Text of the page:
|Jepson Flora Project: Jepson Interchange|
|TREATMENT FROM THE JEPSON MANUAL (1993)||
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Jepson Interchange (more information)
©Copyright 1993 by the Regents of the University of California
For up-to-date information about California vascular plants, visit the Jepson eFlora.
Perennial, shrubs, trees, very aromatic, sometimes thorny
Leaves generally alternate, simple to pinnately compound (sometimes reduced to spines), prominently oil-gland-dotted; stipules 0
Inflorescence: cyme, raceme, or flowers solitary, generally bracted
Flower generally bisexual, generally strongly aromatic; sepals generally 5, free or fused at base, generally persistent; petals generally 5, free or fused at base, generally whitish or greenish; stamens generally 24 X petal number; ovary generally superior, generally lobed, chambers generally 45, ovules generally many
Fruit: berry, drupe, winged achene, or capsule, generally aromatic
Seeds generally oily
Genera in family: ± 150 genera, ± 1500 species: especially tropical, warm temp, especially s Africa, Australia; used or cultivated for food (Citrus , 50 species), perfume, medicine, timber, ornamental (Choisya, Skimmia , etc.).
Some TOXIC: oils may promote localized sunburn or produce dermatitis.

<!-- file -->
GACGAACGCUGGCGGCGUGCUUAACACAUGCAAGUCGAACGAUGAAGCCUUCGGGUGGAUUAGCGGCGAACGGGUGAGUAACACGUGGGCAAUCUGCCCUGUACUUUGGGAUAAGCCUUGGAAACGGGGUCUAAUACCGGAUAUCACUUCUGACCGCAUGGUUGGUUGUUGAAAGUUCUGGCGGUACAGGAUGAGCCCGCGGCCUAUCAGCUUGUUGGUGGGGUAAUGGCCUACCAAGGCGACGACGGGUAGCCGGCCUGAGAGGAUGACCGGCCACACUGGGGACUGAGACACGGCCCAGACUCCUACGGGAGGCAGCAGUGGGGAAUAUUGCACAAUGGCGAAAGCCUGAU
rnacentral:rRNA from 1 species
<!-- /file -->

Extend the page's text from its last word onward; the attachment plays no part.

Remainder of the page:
Leaves pinnately or ternately compound
Inflorescence: panicle or cluster, erect, terminal
Flower: petals 45, wavy to fringed; stamens 8 or 10 in 2 series; ovary chambers 45
Fruit: capsule, 45 lobed at top, sometimes indehiscent
Seeds several, angled
Species in genus: 7 species: nw Africa islands, Medit, sw Asia
Etymology: (Latin: the classical name)
Cult for ornamental, flavoring, medicine.
Plant glaucous, puberulent
Stem 48 dm
Leaf 23-pinnate, generally 1020 cm, oblong in outline; segments generally 11.5 cm, narrowly elliptic, entire
Flower: petals 68 mm, yellow, margins inrolled, fringed
Fruit: lobes pointed
Ecology: Uncommon. Disturbed places
Elevation: generally < 500 m.
Bioregional distribution: California Floristic Province (especially near coast)
Distribution outside California: native to Mediterranean
R. graveolens L. may also be naturalized (leaf ovate in outline; petal margin wavy, not fringed).
|YOU CAN HELP US make sure that our distributional information is correct and current. If you know that a plant occurs in a wild, reproducing state in a Jepson bioregion NOT highlighted on the map, please contact us with that information. Please realize that we cannot incorporate range extensions without access to a voucher specimen, which should (ultimately) be deposited in an herbarium. You can send the pressed, dried collection (with complete locality information indicated) to us (e-mail us for details) or refer us to an accessioned herbarium specimen. Non-occurrence of a plant in an indicated area is difficult to document, but we will especially value your input on those types of possible errors (see automatic conversion of distribution data to maps).|